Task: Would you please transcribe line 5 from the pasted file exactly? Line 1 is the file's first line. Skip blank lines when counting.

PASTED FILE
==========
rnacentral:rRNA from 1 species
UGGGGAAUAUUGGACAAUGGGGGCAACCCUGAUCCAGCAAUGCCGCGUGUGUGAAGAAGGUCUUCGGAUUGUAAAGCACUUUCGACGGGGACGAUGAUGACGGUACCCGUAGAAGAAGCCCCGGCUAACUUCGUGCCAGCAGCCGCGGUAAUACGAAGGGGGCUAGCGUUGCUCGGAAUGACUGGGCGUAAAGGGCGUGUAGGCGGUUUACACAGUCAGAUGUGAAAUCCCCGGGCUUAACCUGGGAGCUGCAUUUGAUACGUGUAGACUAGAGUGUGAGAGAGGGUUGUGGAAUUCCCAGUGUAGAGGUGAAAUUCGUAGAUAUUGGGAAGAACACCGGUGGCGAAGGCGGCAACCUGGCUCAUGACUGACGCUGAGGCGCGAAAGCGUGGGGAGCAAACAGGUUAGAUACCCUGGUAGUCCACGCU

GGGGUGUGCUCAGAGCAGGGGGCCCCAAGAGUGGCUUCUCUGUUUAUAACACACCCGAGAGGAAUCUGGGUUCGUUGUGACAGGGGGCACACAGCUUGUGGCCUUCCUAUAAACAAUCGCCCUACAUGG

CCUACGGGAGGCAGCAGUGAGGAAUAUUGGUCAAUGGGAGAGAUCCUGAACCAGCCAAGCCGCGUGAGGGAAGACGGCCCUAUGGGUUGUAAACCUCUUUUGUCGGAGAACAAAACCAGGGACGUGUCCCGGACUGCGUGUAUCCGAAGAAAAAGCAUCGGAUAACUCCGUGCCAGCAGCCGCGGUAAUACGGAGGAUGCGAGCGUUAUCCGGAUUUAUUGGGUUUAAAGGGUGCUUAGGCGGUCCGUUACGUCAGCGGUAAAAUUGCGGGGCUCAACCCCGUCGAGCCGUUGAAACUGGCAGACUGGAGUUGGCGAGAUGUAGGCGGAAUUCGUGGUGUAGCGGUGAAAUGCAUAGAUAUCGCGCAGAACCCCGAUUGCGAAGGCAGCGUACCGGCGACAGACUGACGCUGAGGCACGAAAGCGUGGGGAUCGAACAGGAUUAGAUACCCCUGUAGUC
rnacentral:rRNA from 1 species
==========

rnacentral:rRNA from 1 species